For more than a century, much of the attention given to the Middle East has focused on the Arab-Israeli conflict. The rise of a Palestinian offshoot of Egypt’s Muslim Brotherhood, the Islamic Resistance Movement, or Hamas, transformed the nature of the conflict between Israel and the Palestinians. According to Mitchell Bard in his book “Death to the Infidels – Radical Islam’s War Against the Jews”, the dispute, in the view of Hamas, is not over a division of Palestine, but rather about Jews ruling over Muslims and the presence of Jews on Islamic land.
However, this Islamic-Jewish conflict is not simply confined to the Middle East. Muslim terrorist attacks have been directed at Jews all around the world, from Europe to Asia to Latin America. Radical Muslims in European countries are becoming brazen, particularly in France, where Muslims constitute nearly ten percent of the population.
In the 26/11 terror attack, Nariman House, a Chabad Lubavitch Jewish center in Mumbai known as the Chabad House, was taken over by two attackers, and several residents were held, hostage. Six Jews were murdered by the terrorists. Rather than being an opportunistic target, the Chabad House was a sought out Jewish location. Wiretap recordings of the terrorists revealed how they chose a Jewish target and other locations as part of a plan to strike several communities and to elicit maximum global attention.
Professor of political studies at the Bar-Ilan University and director of the Begin-Sadat (BESA) Center for Strategic Studies, Efraim Inbar in a research paper titled, “The Indian-Israeli Entente” stated: Both India and Israel have engaged in a protracted conflict and fought several wars against their neighbors: India against China and Pakistan, and Israel against Egypt, Jordan, Syria, and Lebanon. Both are continuously challenged by low-intensity conflict and terror, and both have rivals who possess Weapons of Mass destruction.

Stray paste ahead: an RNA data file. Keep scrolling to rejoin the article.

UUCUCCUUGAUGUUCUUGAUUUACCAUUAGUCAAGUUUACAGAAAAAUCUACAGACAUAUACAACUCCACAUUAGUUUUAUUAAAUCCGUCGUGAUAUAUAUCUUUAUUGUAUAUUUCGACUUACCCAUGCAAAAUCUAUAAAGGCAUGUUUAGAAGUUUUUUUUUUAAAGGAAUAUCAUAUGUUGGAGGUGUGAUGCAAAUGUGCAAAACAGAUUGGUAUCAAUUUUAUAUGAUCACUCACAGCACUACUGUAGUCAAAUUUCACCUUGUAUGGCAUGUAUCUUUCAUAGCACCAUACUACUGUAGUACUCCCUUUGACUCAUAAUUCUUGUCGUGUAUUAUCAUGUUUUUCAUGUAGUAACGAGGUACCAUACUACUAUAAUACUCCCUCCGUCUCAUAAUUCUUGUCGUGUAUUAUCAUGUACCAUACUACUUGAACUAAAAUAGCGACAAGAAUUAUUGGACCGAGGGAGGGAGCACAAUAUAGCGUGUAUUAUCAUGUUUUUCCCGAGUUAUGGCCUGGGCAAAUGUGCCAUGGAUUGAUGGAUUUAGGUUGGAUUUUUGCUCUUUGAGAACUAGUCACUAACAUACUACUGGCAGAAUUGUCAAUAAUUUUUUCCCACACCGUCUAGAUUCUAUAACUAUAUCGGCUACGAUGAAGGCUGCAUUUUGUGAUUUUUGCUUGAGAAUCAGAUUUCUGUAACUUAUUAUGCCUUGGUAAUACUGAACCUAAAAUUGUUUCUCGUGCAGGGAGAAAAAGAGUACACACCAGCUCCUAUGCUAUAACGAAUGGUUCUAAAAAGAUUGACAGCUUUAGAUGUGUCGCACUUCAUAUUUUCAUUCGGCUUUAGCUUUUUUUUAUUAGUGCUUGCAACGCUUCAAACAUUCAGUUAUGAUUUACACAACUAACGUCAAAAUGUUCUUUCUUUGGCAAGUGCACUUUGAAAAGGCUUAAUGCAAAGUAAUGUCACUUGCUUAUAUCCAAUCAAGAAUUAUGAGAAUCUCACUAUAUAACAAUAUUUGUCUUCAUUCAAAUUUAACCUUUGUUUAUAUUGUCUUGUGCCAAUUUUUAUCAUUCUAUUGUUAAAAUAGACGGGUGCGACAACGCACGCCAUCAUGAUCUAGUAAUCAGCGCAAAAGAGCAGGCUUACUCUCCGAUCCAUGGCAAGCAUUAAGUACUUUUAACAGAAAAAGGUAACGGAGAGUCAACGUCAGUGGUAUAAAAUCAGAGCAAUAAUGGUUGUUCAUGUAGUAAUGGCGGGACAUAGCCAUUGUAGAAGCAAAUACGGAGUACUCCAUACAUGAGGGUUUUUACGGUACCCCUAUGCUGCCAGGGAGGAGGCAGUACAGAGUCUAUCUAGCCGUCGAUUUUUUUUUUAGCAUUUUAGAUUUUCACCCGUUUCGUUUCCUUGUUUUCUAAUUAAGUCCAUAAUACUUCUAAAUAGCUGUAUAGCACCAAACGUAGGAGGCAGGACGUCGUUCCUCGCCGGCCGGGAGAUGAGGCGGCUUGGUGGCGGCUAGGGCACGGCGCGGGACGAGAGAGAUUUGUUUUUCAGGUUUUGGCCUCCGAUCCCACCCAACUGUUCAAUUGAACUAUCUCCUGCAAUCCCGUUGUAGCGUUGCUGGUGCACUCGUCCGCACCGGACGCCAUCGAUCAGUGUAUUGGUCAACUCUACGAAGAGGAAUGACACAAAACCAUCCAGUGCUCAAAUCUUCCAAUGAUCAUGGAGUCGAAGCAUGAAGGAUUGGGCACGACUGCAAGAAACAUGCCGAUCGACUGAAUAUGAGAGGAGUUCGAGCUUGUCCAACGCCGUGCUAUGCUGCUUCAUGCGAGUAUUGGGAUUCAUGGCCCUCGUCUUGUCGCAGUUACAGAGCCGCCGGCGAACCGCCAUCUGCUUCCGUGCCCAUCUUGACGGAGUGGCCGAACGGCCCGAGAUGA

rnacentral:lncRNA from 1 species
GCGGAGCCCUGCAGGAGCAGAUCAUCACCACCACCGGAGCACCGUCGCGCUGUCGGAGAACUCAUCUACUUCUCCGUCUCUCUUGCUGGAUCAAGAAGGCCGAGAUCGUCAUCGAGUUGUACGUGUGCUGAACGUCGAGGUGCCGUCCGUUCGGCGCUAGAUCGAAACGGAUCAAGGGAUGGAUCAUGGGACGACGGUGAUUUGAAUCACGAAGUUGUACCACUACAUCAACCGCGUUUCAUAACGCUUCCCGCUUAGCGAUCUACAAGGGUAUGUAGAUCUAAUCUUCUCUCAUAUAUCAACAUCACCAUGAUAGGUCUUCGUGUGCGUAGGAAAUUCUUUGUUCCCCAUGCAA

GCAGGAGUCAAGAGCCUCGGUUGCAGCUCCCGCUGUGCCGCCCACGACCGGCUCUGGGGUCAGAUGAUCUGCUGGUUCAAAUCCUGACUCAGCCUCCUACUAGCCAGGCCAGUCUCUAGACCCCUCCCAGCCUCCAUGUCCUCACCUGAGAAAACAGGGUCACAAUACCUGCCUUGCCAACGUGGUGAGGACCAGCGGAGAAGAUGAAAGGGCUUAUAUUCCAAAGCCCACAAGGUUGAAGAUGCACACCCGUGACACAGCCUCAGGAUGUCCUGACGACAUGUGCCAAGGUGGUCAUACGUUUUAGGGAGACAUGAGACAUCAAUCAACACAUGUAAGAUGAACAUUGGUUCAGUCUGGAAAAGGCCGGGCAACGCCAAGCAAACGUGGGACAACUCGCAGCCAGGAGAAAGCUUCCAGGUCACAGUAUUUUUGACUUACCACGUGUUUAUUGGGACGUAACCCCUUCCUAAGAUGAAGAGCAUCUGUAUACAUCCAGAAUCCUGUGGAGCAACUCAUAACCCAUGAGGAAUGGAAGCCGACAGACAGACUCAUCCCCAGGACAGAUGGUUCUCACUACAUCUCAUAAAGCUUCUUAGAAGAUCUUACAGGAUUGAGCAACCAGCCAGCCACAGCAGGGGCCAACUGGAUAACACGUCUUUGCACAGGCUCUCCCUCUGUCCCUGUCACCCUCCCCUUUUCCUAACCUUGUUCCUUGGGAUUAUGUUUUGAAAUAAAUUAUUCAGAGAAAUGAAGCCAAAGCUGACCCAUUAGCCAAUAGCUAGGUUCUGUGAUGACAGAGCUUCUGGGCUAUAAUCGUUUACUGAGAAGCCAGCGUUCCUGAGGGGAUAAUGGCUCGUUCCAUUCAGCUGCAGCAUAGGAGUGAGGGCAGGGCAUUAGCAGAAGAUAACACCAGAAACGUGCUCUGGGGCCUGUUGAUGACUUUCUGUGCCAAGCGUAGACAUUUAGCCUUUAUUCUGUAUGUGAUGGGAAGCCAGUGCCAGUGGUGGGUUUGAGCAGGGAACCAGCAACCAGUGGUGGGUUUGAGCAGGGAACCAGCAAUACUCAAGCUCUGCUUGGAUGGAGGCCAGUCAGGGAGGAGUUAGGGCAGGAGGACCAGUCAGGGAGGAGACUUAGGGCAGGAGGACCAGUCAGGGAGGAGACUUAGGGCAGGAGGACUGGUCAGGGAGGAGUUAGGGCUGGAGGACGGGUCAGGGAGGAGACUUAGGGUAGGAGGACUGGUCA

India, like Israel, feels beleaguered in its own region. It fears that Pakistan seeks its disintegration and is attempting to engage it in a proxy war by supporting Muslim-separatist terrorism. Furthermore, despite diplomacy to reduce Sino-Indian tensions, most of the Indian strategic community believes that China’s massive economic progress has threatened national security dimensions.
Inbar further stated: Within their respective regions the two states are involved in a protracted conflict characterized by complex ethnic and religious components. Both feel that the international community fails to understand their conflicts. New Delhi has seen international pressure on Islamabad to act more determinately against terrorism giving way to pressure on New Delhi to make it more worth Pakistan’s while to end terrorism.9 Israelis feel that the burden is on them to make concessions to the Palestinian leadership, under the problematic assumption that the latter must be able to show achievements to its constituency in order to muster support for ending the violence. Both India and Israel take the position that they will not negotiate as long as their rivals support terrorism, a position that other nations often view as unnecessarily hard.
Radical Islamists will continue to be a problem for India and Israel. Nothing can be more brutally truthful than the state of Israeli Prime Minister Benjamin Netanyahu, “The weak don’t survive, the strong survive. You make peace, and alliances with the strong. You are able to maintain peace by being strong.
To defeat radical Islam both India and Israel need to work towards peace in their nations by being strong in their fight against terrorism.